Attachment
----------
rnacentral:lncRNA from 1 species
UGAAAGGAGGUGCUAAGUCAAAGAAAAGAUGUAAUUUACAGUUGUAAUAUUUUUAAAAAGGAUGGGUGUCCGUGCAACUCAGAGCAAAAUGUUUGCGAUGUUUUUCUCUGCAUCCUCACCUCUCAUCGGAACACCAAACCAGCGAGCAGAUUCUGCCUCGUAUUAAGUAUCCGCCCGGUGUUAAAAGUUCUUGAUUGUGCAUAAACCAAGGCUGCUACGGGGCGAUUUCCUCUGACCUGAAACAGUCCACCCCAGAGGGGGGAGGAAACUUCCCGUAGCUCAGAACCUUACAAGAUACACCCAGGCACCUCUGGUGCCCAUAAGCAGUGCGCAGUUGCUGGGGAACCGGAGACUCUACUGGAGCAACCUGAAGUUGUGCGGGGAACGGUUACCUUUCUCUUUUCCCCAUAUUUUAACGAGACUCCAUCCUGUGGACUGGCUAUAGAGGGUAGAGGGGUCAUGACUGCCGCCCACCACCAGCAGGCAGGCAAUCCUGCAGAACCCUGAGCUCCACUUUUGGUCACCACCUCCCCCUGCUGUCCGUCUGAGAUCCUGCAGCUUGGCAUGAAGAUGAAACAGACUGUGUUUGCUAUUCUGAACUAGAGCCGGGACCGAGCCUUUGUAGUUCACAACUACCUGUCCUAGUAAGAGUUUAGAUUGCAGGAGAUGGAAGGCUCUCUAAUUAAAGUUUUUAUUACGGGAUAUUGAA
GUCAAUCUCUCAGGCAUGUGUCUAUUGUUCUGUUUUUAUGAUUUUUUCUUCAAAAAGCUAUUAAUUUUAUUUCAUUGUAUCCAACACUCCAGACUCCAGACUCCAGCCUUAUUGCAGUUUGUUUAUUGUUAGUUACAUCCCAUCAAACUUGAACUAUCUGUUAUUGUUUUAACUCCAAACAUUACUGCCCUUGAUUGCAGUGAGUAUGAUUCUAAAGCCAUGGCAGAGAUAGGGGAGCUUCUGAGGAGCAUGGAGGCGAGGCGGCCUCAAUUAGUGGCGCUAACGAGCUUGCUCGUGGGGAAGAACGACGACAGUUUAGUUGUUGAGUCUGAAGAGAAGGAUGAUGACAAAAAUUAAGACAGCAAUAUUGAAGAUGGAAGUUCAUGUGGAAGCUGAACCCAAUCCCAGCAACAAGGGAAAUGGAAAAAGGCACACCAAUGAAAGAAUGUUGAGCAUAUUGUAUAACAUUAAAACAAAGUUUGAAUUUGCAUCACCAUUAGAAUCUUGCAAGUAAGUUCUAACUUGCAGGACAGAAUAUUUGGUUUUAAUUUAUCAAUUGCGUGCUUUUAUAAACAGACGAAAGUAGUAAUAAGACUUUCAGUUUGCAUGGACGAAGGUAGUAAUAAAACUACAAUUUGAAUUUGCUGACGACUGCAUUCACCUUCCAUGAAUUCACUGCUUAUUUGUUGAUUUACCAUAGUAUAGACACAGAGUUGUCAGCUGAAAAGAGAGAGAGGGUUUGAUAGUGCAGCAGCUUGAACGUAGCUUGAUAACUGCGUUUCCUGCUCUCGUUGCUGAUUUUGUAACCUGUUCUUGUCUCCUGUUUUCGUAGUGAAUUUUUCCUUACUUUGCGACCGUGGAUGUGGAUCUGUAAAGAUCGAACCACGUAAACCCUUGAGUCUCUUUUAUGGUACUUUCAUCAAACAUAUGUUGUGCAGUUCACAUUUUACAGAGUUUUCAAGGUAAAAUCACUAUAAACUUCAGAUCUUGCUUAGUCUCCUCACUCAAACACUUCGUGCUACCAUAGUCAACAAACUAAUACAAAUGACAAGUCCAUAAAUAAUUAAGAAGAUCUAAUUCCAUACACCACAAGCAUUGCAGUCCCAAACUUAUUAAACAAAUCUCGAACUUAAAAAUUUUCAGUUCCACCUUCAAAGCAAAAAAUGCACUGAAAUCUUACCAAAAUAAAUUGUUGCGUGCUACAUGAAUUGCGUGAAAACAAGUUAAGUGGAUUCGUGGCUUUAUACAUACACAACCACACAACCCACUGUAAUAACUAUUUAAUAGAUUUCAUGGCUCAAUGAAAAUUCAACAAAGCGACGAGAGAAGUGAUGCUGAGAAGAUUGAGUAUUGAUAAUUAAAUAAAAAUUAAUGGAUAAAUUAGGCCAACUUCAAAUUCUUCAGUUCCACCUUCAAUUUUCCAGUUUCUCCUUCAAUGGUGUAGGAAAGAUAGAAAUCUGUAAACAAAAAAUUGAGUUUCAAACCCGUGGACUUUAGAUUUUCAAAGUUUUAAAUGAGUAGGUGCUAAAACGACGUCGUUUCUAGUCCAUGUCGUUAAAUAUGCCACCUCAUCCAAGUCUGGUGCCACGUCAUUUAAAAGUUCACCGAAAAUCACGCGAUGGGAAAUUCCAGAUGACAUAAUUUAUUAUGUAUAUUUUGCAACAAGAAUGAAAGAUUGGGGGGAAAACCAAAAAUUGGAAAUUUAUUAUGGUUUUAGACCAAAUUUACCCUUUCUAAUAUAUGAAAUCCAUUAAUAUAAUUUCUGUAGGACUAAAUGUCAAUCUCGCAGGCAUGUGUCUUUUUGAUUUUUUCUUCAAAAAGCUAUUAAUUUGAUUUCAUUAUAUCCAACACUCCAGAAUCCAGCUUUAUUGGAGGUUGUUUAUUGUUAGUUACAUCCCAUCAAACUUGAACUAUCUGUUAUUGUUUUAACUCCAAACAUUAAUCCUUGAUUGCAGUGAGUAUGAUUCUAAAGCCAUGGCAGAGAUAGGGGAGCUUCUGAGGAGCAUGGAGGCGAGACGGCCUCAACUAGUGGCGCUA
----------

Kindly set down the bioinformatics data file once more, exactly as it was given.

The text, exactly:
rnacentral:lncRNA from 1 species
UGAAAGGAGGUGCUAAGUCAAAGAAAAGAUGUAAUUUACAGUUGUAAUAUUUUUAAAAAGGAUGGGUGUCCGUGCAACUCAGAGCAAAAUGUUUGCGAUGUUUUUCUCUGCAUCCUCACCUCUCAUCGGAACACCAAACCAGCGAGCAGAUUCUGCCUCGUAUUAAGUAUCCGCCCGGUGUUAAAAGUUCUUGAUUGUGCAUAAACCAAGGCUGCUACGGGGCGAUUUCCUCUGACCUGAAACAGUCCACCCCAGAGGGGGGAGGAAACUUCCCGUAGCUCAGAACCUUACAAGAUACACCCAGGCACCUCUGGUGCCCAUAAGCAGUGCGCAGUUGCUGGGGAACCGGAGACUCUACUGGAGCAACCUGAAGUUGUGCGGGGAACGGUUACCUUUCUCUUUUCCCCAUAUUUUAACGAGACUCCAUCCUGUGGACUGGCUAUAGAGGGUAGAGGGGUCAUGACUGCCGCCCACCACCAGCAGGCAGGCAAUCCUGCAGAACCCUGAGCUCCACUUUUGGUCACCACCUCCCCCUGCUGUCCGUCUGAGAUCCUGCAGCUUGGCAUGAAGAUGAAACAGACUGUGUUUGCUAUUCUGAACUAGAGCCGGGACCGAGCCUUUGUAGUUCACAACUACCUGUCCUAGUAAGAGUUUAGAUUGCAGGAGAUGGAAGGCUCUCUAAUUAAAGUUUUUAUUACGGGAUAUUGAA
GUCAAUCUCUCAGGCAUGUGUCUAUUGUUCUGUUUUUAUGAUUUUUUCUUCAAAAAGCUAUUAAUUUUAUUUCAUUGUAUCCAACACUCCAGACUCCAGACUCCAGCCUUAUUGCAGUUUGUUUAUUGUUAGUUACAUCCCAUCAAACUUGAACUAUCUGUUAUUGUUUUAACUCCAAACAUUACUGCCCUUGAUUGCAGUGAGUAUGAUUCUAAAGCCAUGGCAGAGAUAGGGGAGCUUCUGAGGAGCAUGGAGGCGAGGCGGCCUCAAUUAGUGGCGCUAACGAGCUUGCUCGUGGGGAAGAACGACGACAGUUUAGUUGUUGAGUCUGAAGAGAAGGAUGAUGACAAAAAUUAAGACAGCAAUAUUGAAGAUGGAAGUUCAUGUGGAAGCUGAACCCAAUCCCAGCAACAAGGGAAAUGGAAAAAGGCACACCAAUGAAAGAAUGUUGAGCAUAUUGUAUAACAUUAAAACAAAGUUUGAAUUUGCAUCACCAUUAGAAUCUUGCAAGUAAGUUCUAACUUGCAGGACAGAAUAUUUGGUUUUAAUUUAUCAAUUGCGUGCUUUUAUAAACAGACGAAAGUAGUAAUAAGACUUUCAGUUUGCAUGGACGAAGGUAGUAAUAAAACUACAAUUUGAAUUUGCUGACGACUGCAUUCACCUUCCAUGAAUUCACUGCUUAUUUGUUGAUUUACCAUAGUAUAGACACAGAGUUGUCAGCUGAAAAGAGAGAGAGGGUUUGAUAGUGCAGCAGCUUGAACGUAGCUUGAUAACUGCGUUUCCUGCUCUCGUUGCUGAUUUUGUAACCUGUUCUUGUCUCCUGUUUUCGUAGUGAAUUUUUCCUUACUUUGCGACCGUGGAUGUGGAUCUGUAAAGAUCGAACCACGUAAACCCUUGAGUCUCUUUUAUGGUACUUUCAUCAAACAUAUGUUGUGCAGUUCACAUUUUACAGAGUUUUCAAGGUAAAAUCACUAUAAACUUCAGAUCUUGCUUAGUCUCCUCACUCAAACACUUCGUGCUACCAUAGUCAACAAACUAAUACAAAUGACAAGUCCAUAAAUAAUUAAGAAGAUCUAAUUCCAUACACCACAAGCAUUGCAGUCCCAAACUUAUUAAACAAAUCUCGAACUUAAAAAUUUUCAGUUCCACCUUCAAAGCAAAAAAUGCACUGAAAUCUUACCAAAAUAAAUUGUUGCGUGCUACAUGAAUUGCGUGAAAACAAGUUAAGUGGAUUCGUGGCUUUAUACAUACACAACCACACAACCCACUGUAAUAACUAUUUAAUAGAUUUCAUGGCUCAAUGAAAAUUCAACAAAGCGACGAGAGAAGUGAUGCUGAGAAGAUUGAGUAUUGAUAAUUAAAUAAAAAUUAAUGGAUAAAUUAGGCCAACUUCAAAUUCUUCAGUUCCACCUUCAAUUUUCCAGUUUCUCCUUCAAUGGUGUAGGAAAGAUAGAAAUCUGUAAACAAAAAAUUGAGUUUCAAACCCGUGGACUUUAGAUUUUCAAAGUUUUAAAUGAGUAGGUGCUAAAACGACGUCGUUUCUAGUCCAUGUCGUUAAAUAUGCCACCUCAUCCAAGUCUGGUGCCACGUCAUUUAAAAGUUCACCGAAAAUCACGCGAUGGGAAAUUCCAGAUGACAUAAUUUAUUAUGUAUAUUUUGCAACAAGAAUGAAAGAUUGGGGGGAAAACCAAAAAUUGGAAAUUUAUUAUGGUUUUAGACCAAAUUUACCCUUUCUAAUAUAUGAAAUCCAUUAAUAUAAUUUCUGUAGGACUAAAUGUCAAUCUCGCAGGCAUGUGUCUUUUUGAUUUUUUCUUCAAAAAGCUAUUAAUUUGAUUUCAUUAUAUCCAACACUCCAGAAUCCAGCUUUAUUGGAGGUUGUUUAUUGUUAGUUACAUCCCAUCAAACUUGAACUAUCUGUUAUUGUUUUAACUCCAAACAUUAAUCCUUGAUUGCAGUGAGUAUGAUUCUAAAGCCAUGGCAGAGAUAGGGGAGCUUCUGAGGAGCAUGGAGGCGAGACGGCCUCAACUAGUGGCGCUA